With studies coming out stating that 1 of 5 motorcycle owners are women (in the US, numbers in EU and the rest of the world are on a significant upward trend as well), I think we are arriving at a tipping point.
We are approaching a moment where we are getting closer and closer to the natural divide between men and women when it comes to motorcycle ownership numbers and the motorcycling community in general.
So if you're a woman just getting into motorcycling, or like me, started out when there was literally no other woman that could be seen riding around, it's time to take a step back and evaluate.
In the early days of the latest female motorcycling wave, around the time when I started riding 10 years ago, seeing a woman on a motorcycle was a rare and extraordinary occurrence. I honestly believe that at some point, I was the only Motorcycle rider in my city of Haifa in Israel. Women biker numbers were at an all time low and no attention was given to this tiny market segment by the industry.
Fast forward 10 years, and today women's motorcycling has grown exponentially, and so has the industry's attention, with more products, services and initiatives dedicated to women.
As women in motorcycling become mainstream we are nearing the end of a time where riding around the streets and shouting out that "women can ride too". Because, as the facts clearly demonstrate, we can. We're also nearing the end of the era where a biker lady is to be seen as a unicorn, a 1 in 1000 or some kind of rebel, rolling off into the sunset on her steel horse.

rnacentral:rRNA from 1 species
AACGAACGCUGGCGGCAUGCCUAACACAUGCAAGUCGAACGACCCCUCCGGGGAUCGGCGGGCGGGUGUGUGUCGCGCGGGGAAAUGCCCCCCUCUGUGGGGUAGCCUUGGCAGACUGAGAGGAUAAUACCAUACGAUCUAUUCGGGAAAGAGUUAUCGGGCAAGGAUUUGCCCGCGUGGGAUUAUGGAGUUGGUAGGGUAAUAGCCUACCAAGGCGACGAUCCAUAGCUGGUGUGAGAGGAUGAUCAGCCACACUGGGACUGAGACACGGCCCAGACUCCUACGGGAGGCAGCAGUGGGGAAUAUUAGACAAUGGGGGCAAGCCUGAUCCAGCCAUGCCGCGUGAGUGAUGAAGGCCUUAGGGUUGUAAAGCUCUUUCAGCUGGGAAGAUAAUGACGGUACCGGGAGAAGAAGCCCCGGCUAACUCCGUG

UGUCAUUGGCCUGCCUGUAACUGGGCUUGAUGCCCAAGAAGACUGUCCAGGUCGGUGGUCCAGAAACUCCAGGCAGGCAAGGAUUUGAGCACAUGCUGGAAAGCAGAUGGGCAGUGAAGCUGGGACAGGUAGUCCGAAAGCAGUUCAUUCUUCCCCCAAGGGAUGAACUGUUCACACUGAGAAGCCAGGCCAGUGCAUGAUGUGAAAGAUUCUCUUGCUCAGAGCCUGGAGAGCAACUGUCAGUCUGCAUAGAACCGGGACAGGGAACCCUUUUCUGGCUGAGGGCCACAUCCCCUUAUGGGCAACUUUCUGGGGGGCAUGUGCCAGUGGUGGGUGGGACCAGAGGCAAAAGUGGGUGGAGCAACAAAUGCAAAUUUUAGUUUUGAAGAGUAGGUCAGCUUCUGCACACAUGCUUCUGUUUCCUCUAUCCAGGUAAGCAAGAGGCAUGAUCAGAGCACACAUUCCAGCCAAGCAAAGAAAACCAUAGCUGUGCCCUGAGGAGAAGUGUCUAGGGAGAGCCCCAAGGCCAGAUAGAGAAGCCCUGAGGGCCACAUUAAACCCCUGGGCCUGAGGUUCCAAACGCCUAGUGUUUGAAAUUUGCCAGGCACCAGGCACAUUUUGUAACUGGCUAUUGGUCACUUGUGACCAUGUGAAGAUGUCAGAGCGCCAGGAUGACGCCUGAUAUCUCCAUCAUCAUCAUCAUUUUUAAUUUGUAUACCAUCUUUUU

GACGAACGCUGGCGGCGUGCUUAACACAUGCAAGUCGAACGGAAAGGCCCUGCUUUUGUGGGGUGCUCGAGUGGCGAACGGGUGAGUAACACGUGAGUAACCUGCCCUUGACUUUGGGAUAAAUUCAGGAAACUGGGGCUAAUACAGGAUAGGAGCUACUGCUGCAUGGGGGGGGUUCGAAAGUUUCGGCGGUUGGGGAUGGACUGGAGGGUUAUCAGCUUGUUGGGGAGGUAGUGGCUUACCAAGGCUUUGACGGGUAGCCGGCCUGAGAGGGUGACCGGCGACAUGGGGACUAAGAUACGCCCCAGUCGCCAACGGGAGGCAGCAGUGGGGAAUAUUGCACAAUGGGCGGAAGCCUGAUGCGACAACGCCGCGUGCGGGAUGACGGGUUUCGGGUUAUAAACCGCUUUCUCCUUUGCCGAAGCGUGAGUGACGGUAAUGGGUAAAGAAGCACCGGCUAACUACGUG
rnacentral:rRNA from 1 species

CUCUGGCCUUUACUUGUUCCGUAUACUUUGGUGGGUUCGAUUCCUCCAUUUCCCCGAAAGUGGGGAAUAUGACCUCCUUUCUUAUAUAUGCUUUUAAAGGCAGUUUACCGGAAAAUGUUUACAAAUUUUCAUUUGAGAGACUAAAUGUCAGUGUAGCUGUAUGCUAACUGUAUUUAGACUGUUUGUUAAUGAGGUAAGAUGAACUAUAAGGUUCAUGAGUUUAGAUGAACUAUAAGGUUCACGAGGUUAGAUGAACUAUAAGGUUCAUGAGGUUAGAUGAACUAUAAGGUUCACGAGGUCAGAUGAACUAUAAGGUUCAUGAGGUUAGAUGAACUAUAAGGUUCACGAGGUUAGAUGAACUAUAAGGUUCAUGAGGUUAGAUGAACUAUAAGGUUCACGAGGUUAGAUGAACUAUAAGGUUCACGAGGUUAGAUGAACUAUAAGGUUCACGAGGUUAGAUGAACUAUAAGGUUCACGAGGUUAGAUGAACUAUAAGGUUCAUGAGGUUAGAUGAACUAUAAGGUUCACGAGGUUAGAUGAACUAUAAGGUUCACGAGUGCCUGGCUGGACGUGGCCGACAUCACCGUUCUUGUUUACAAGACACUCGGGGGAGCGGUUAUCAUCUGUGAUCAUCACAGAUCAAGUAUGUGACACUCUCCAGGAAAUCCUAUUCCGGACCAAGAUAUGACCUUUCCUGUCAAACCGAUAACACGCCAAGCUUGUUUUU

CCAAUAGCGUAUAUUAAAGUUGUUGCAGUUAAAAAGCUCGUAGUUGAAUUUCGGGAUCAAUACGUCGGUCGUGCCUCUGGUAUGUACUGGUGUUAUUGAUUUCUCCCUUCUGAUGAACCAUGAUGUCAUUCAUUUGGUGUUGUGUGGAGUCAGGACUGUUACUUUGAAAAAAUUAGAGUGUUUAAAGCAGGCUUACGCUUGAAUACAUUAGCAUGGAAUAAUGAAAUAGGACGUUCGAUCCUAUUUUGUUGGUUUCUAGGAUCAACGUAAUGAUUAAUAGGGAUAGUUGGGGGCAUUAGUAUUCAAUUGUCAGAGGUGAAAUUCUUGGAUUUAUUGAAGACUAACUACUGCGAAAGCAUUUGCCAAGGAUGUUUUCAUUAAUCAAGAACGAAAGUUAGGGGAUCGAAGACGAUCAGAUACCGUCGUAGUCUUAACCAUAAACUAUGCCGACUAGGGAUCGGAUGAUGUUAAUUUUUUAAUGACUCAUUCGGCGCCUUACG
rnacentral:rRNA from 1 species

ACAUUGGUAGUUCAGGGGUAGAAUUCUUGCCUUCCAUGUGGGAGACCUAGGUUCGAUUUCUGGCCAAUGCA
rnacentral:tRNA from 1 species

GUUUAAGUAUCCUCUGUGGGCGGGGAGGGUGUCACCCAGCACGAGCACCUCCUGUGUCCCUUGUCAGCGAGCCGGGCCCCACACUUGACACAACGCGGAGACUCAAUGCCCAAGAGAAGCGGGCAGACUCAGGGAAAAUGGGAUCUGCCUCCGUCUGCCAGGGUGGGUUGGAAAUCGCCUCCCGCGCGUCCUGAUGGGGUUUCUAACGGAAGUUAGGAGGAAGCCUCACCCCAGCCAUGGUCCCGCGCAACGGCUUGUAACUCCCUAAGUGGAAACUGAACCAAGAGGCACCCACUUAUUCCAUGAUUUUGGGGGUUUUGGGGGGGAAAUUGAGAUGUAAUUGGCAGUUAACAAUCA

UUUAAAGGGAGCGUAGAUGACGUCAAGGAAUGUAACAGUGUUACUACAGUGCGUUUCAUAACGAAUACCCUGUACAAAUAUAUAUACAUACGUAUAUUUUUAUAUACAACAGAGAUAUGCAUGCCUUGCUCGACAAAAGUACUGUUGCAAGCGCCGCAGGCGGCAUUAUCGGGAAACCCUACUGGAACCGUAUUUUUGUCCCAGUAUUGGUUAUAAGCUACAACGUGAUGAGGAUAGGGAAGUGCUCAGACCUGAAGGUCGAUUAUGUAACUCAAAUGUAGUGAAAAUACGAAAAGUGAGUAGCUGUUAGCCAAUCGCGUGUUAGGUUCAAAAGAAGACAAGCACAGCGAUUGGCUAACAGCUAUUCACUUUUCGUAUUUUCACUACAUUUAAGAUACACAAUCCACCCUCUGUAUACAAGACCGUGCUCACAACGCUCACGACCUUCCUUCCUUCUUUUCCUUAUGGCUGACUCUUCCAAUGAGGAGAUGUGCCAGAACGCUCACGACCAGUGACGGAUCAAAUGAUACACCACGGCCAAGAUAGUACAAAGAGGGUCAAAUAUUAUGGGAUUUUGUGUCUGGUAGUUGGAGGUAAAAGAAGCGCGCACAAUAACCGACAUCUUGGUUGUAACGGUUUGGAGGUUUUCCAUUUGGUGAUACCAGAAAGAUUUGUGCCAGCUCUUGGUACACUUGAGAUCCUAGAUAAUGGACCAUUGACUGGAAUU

As biker women become more common and a bigger part of the motorcycling community, many traditional motorcycle media outlets are quickly adapting to cater to this growing demographic. Either by partnering with existing women's motorcycle blogs or by establishing their own sections, dedicated to women on bikes.
We need to get used to the idea that being female bikers is, in fact, normal. As women are also portrayed riding bikes in movies, commercials and in the general media, so the once agitated and warrior like mentality of the trailblazer can be transformed and the driving energy redirected at paving the way for future generations.
We have made an impact, we have carved out our space, now it's time to settle in, gear up and cultivate a growing, blooming, beautiful and positive contribution to the motorcycling history.
As today we look back at the rockers who pioneered street racing, or the rebellious 70's motorcycling subcultures who have left us their legacy and their mark, so will the 2020's be remembered at the years where female motorcycling has reached a tipping point, to become truly mainstream. This is why I encourage every female biker out there to think of their place in this exciting time, not only as female bikers and creators for female bikers, but as biker people for biker people, for our contribution can and should be enjoyed by everybody.